An offeror has complete control over an offer and may condition acceptance to the terms of the offer. The language of an offer may moreover govern the mode of acceptance required, and, where an offer requires a written acceptance, no other mode may be used.
Plaintiff, the trustee for the purchaser, brought suit against defendants alleging breach of contract. The basis of plaintiff's claim was a real estate sale contract. The purchasing agent for the purchaser signed the contract, but plaintiff did not. The trial court granted summary judgment for defendants on plaintiff's claims, finding that there were no genuine issues of material fact as to whether a contract was formed between plaintiff and defendants. The trial court stated that the contract contained a clause which states that “this Contract shall be presented to the trust for full execution. Upon the trust's execution, this Contract will then be in full force and a copy of a fully executed Contract along with evidence of the earnest money deposit will be delivered back to Seller.” The trial court ruled that though it is unambiguous, the only reasonable inference is that the trustee should sign for the contract to become effective. On appeal, plaintiff argued that the beneficiaries to a trust may contract and bind the trust, thus, since the agent of the purchaser signed, then the trust’s execution is no longer required.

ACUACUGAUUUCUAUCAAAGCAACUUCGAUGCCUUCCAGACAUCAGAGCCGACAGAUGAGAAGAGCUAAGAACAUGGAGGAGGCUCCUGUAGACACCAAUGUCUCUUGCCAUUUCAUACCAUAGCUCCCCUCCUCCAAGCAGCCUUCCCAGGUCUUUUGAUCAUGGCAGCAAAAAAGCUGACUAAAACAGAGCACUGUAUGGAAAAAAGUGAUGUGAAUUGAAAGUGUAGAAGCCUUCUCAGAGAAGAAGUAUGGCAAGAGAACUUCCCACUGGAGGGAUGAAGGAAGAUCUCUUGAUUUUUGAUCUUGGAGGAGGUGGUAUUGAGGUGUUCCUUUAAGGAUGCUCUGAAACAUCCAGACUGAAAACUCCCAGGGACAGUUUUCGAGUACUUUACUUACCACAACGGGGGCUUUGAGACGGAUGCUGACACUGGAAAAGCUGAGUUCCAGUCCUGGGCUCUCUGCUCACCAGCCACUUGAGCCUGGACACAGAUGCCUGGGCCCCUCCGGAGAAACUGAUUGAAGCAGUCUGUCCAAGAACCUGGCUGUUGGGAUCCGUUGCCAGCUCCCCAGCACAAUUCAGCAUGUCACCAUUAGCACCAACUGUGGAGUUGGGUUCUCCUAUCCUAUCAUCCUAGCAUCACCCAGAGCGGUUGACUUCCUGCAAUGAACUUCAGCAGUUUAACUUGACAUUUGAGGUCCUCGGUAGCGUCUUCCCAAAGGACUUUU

Is the real estate sale contract unenforceable for the trustee’s failure to sign on behalf of the purchaser?
On appeal, the court found that no contract was formed between plaintiff and defendants. Since the contract required that plaintiff execute the agreement for acceptance, plaintiff's failure to execute negated the formation of an enforceable contract. While there was an offer, there was no acceptance according to the terms of the contract. As for the plaintiff’s argument that an agent of the beneficiary may bind the trust, the document at issue stated clearly that the contract would be in full force upon the trust's execution. This indicates that the only mode by which the offer could be accepted was execution of the document by the trust. Plaintiff admitted in its pleadings that the contract submitted was a true and correct copy of the contract.